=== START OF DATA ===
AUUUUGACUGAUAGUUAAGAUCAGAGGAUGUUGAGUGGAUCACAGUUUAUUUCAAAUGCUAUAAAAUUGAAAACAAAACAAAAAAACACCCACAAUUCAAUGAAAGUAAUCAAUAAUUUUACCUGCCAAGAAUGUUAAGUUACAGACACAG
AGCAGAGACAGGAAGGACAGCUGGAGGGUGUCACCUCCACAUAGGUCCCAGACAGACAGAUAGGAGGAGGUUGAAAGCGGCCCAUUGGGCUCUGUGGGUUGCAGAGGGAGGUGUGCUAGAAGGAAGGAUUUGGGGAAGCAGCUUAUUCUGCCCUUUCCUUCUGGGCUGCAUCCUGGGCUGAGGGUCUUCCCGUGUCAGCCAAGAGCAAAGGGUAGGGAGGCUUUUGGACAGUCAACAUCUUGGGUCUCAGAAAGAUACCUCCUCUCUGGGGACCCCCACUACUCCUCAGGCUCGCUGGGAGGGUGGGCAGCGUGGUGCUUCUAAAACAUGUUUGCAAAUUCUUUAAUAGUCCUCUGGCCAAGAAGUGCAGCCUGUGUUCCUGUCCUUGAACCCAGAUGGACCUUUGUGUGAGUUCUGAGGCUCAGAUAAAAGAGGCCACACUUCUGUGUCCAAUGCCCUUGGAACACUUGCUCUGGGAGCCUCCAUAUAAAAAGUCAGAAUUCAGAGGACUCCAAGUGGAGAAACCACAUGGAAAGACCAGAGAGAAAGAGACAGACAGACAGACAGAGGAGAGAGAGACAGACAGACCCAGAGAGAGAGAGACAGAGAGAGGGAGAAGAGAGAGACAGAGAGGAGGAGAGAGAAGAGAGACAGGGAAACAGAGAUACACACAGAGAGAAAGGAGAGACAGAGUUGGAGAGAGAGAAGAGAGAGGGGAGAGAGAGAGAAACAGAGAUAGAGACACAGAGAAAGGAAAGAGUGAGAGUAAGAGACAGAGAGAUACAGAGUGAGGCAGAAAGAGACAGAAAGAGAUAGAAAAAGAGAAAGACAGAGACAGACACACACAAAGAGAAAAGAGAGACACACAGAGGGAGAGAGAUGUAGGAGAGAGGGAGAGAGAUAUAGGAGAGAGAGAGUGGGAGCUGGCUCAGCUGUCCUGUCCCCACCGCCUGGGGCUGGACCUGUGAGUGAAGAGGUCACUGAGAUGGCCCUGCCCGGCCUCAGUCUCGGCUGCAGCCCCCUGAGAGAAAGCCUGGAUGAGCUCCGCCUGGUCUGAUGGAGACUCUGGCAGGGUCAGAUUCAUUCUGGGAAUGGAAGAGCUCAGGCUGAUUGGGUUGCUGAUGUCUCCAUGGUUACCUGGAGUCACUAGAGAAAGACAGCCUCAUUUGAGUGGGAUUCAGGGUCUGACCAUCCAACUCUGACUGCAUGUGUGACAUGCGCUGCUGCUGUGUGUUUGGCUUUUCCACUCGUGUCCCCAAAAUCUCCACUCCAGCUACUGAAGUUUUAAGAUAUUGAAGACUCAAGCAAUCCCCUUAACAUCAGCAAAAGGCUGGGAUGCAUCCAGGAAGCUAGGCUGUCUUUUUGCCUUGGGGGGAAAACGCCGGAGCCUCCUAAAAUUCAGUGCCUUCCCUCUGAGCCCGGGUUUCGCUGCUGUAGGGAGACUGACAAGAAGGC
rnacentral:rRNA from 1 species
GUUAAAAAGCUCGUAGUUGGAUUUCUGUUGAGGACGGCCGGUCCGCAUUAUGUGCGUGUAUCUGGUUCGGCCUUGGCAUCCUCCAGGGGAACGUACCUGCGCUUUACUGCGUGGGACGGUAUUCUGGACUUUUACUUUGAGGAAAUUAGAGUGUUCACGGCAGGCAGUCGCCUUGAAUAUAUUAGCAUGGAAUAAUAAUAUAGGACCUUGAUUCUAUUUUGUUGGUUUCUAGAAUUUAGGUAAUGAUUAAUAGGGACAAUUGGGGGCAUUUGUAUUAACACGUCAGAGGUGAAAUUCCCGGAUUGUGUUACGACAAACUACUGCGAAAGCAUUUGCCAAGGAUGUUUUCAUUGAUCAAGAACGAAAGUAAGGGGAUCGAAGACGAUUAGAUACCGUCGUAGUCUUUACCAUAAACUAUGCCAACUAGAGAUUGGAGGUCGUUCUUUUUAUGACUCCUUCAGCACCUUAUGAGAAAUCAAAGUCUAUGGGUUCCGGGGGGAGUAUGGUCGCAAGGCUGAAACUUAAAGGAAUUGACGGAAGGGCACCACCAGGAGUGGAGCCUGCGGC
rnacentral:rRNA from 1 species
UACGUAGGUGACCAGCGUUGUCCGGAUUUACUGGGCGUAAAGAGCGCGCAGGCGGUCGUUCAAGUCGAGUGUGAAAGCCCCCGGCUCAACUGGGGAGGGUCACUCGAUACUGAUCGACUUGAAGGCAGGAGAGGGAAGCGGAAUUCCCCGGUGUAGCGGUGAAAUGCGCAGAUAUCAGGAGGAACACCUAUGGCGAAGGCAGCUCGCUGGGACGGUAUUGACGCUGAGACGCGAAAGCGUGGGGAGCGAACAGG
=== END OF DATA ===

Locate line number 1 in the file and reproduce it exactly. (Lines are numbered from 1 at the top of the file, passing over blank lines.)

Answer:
AUUUUGACUGAUAGUUAAGAUCAGAGGAUGUUGAGUGGAUCACAGUUUAUUUCAAAUGCUAUAAAAUUGAAAACAAAACAAAAAAACACCCACAAUUCAAUGAAAGUAAUCAAUAAUUUUACCUGCCAAGAAUGUUAAGUUACAGACACAG